On NCTA.com’s Broadband By the Numbers page, we show that 88 percent of Americans have access to at least two wired Internet service providers and 98 percent have access to at least two mobile wireless providers. Not to mention 97 percent have access to at least three mobile providers. These are impressive stats, but only tell part of the story.
If we look a bit closer, we also see technological diversity between those home broadband competitors. According to NTIA, 58 percent of U.S. households have access to at least 10 Mbps DSL. Another 27 percent have access to those speeds from fixed wireless service and 25 percent from fiber. Additionally, 24 percent of households have access to 25 Mbps via fiber, 17 percent via DSL, and 14 percent via fixed wireless. So not only do 88 percent of Americans have access to at least two wired Internet service providers, consumers often have a choice among a range of technology platforms.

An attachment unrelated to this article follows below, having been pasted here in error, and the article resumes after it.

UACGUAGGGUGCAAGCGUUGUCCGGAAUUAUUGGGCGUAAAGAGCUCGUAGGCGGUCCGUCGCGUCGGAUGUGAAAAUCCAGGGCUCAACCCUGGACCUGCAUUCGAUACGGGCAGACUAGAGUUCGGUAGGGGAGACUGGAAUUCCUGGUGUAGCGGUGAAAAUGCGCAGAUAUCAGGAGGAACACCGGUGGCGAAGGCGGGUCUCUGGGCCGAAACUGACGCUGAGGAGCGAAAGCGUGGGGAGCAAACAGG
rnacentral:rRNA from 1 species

This is particularly important when we look to the future of high-speed broadband in America. As our Internet needs increase, we need to incentivize the development of more technologies -newer, faster technologies. Turning broadband into a utility as the FCC has done increases the chances that it won’t ever change – that broadband technology is done evolving. Obviously that’s not the case – both today and in the future.